Oh, that is barely scratching the surface of what backstab can do. It doesn't just multiply the weapon's base damage - it also multiplies anything you gain from enchantment, proficiency bonuses, class abilities, or basically anything that increases physical damage except strength. If you start optimizing for backstab... let's make that a fighter-thief dual, wielding a +3 longsword with grandmastery, with weapon expertise gauntlets. Now that sword is dealing 1d8 + 10 + strength, for (5x) backstabs of 55-90 + strength. That can be increased further with fighter kits, particularly Kensai. An optimized backstabber will often be able to kill enemies in one hit, and not just the low-level minions. I've gotten one-hit kills on Fire Giants before.

    Also, "once per round" isn't the limit you're making it out to be. With a well-made backstabber, you hit the enemy and run away, then repeat. You don't have your party enter general combat, and you don't give the enemy a real chance to hit you back. It's a very different style, and comparing with simple damage rates just doesn't work. On that note, the single most important piece of equipment for a backstabber? Boots of speed. Being able to retreat and come back later outshines every other improvement to your offense or defense.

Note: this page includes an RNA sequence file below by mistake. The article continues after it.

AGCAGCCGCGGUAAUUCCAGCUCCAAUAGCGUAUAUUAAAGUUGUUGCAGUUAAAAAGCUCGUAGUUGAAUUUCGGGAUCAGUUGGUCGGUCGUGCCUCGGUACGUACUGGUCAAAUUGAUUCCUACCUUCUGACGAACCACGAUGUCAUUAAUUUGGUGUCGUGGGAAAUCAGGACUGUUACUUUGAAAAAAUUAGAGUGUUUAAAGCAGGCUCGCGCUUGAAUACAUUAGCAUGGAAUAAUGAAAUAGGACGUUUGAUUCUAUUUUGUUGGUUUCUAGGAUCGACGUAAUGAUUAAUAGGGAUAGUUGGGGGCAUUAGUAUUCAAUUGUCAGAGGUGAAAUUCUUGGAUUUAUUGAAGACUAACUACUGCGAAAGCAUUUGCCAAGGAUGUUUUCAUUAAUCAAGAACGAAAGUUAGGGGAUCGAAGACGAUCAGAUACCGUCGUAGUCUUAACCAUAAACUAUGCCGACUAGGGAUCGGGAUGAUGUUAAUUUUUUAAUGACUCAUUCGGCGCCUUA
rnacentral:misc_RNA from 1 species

When you can't avoid the fight anymore and the party enters general combat, that's the time for the swashbuckler to shine. The damage bonus is enough to keep them relevant even without warrior bonus attacks, and the AC bonus is something truly unique.

    Now, I will say that removing backstabs from the swashbuckler is absolutely necessary for any semblance of balance. If the kit could backstab at all, it would be far too good at it.

    Swashbuckler also benefits from all those damage boosts, up to ten times per round once they get HLA's.

  • NeverusedNeverused Member Posts: 671
    Swashbucklers haven’t suffered as much from lack of offense as lack of defense. Having only d6+2 HP per level and no critical immunity make them incredibly vulnerable to dying really, really fast in prolonged melee fights, especially when stronger bruisers like trolls, golems, and dragons come into play. Ilbratha helps, but that’s only 1/day and not exactly foolproof.